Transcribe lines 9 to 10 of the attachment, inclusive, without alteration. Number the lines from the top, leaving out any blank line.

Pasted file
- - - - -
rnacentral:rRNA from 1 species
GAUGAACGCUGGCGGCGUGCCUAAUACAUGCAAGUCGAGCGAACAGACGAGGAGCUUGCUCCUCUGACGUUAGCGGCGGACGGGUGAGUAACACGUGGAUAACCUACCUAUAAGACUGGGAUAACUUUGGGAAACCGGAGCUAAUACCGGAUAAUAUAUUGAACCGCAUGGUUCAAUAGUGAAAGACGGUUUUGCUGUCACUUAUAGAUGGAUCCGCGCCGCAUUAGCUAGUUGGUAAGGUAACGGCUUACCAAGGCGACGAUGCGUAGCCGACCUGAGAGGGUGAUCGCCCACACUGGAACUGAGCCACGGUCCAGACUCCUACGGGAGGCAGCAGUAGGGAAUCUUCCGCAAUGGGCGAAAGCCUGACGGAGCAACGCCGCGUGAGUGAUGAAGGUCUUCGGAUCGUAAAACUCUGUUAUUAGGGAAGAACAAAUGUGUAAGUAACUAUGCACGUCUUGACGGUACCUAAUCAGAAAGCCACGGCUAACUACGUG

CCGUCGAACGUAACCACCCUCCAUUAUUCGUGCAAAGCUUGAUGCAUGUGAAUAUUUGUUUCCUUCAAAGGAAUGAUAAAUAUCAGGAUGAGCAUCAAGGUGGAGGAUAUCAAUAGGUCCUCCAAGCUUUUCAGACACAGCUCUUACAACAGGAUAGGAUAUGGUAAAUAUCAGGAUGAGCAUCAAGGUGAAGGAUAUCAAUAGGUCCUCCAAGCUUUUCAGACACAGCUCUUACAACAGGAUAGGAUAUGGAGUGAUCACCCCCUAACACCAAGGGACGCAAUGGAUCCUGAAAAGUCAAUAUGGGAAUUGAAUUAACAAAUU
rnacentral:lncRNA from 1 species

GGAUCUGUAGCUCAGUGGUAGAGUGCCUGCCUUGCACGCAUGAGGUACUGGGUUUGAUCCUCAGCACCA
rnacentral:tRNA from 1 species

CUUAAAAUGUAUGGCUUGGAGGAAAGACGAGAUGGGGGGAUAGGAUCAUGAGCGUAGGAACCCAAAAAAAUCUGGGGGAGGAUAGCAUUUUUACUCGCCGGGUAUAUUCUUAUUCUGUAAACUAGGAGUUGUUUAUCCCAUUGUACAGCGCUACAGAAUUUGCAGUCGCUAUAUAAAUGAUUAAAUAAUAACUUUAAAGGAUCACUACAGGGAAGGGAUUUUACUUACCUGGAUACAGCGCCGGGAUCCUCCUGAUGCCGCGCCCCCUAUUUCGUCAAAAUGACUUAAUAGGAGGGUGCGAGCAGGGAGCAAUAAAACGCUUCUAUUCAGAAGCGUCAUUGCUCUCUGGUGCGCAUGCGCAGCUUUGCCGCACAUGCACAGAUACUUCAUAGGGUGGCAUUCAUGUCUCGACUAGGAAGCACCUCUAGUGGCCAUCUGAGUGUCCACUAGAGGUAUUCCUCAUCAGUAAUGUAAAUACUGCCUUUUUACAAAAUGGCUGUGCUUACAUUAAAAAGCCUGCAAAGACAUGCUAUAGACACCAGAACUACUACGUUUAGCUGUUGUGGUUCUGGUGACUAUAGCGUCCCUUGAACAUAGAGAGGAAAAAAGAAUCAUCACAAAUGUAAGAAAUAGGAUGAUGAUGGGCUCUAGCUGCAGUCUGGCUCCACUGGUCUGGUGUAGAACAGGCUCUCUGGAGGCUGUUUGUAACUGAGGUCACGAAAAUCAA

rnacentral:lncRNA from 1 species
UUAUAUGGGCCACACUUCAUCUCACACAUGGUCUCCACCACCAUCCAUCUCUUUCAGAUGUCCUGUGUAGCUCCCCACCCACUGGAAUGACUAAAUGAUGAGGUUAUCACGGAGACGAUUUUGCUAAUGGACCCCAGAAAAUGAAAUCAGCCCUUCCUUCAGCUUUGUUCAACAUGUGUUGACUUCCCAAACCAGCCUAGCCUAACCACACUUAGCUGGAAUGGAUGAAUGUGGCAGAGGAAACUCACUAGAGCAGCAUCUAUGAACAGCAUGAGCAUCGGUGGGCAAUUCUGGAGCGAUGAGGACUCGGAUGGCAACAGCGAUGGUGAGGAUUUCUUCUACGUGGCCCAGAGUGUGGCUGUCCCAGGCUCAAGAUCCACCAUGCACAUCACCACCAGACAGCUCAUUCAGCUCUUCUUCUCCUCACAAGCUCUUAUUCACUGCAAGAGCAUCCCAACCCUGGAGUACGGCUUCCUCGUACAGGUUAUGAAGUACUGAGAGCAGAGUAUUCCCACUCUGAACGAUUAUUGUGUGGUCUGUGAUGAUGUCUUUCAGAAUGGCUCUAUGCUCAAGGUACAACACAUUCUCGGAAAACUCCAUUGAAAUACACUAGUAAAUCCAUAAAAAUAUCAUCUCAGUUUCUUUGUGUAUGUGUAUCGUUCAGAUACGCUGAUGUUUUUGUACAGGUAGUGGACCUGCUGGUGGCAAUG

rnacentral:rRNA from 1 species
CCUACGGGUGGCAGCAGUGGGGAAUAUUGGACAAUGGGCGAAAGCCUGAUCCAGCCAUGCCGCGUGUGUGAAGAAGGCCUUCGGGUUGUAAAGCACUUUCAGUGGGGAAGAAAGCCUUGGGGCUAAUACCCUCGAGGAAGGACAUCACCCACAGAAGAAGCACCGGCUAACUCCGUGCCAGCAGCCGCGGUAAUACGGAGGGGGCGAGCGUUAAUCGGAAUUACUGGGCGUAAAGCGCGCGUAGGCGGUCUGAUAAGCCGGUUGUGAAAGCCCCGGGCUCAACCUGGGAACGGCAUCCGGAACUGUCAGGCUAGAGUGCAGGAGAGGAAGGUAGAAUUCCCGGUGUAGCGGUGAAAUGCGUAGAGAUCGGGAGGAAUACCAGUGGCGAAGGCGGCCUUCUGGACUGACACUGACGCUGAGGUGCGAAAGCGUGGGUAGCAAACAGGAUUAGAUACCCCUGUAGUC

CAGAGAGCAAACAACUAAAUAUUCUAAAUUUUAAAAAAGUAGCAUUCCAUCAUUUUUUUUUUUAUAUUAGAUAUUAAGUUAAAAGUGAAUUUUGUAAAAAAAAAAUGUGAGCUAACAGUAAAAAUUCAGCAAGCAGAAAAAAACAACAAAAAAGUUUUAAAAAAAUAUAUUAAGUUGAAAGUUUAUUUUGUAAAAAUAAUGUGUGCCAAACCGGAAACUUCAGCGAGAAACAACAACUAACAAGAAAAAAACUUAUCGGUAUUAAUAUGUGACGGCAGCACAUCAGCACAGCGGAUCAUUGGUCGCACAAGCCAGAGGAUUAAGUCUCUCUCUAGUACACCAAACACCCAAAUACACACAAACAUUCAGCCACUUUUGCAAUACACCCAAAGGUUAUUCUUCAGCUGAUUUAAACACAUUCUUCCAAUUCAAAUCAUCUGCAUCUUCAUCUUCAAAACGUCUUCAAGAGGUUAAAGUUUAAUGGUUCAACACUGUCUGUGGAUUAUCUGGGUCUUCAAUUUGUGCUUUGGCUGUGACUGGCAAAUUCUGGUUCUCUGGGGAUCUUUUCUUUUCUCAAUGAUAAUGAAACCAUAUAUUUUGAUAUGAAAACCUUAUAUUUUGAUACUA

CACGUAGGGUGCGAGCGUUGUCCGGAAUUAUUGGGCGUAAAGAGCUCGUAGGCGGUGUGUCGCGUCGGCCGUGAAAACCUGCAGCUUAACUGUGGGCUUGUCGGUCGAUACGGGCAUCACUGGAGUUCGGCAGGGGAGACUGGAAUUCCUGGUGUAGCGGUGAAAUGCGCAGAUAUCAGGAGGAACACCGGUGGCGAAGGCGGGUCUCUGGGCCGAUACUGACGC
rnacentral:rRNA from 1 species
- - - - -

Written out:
UUAUAUGGGCCACACUUCAUCUCACACAUGGUCUCCACCACCAUCCAUCUCUUUCAGAUGUCCUGUGUAGCUCCCCACCCACUGGAAUGACUAAAUGAUGAGGUUAUCACGGAGACGAUUUUGCUAAUGGACCCCAGAAAAUGAAAUCAGCCCUUCCUUCAGCUUUGUUCAACAUGUGUUGACUUCCCAAACCAGCCUAGCCUAACCACACUUAGCUGGAAUGGAUGAAUGUGGCAGAGGAAACUCACUAGAGCAGCAUCUAUGAACAGCAUGAGCAUCGGUGGGCAAUUCUGGAGCGAUGAGGACUCGGAUGGCAACAGCGAUGGUGAGGAUUUCUUCUACGUGGCCCAGAGUGUGGCUGUCCCAGGCUCAAGAUCCACCAUGCACAUCACCACCAGACAGCUCAUUCAGCUCUUCUUCUCCUCACAAGCUCUUAUUCACUGCAAGAGCAUCCCAACCCUGGAGUACGGCUUCCUCGUACAGGUUAUGAAGUACUGAGAGCAGAGUAUUCCCACUCUGAACGAUUAUUGUGUGGUCUGUGAUGAUGUCUUUCAGAAUGGCUCUAUGCUCAAGGUACAACACAUUCUCGGAAAACUCCAUUGAAAUACACUAGUAAAUCCAUAAAAAUAUCAUCUCAGUUUCUUUGUGUAUGUGUAUCGUUCAGAUACGCUGAUGUUUUUGUACAGGUAGUGGACCUGCUGGUGGCAAUG

rnacentral:rRNA from 1 species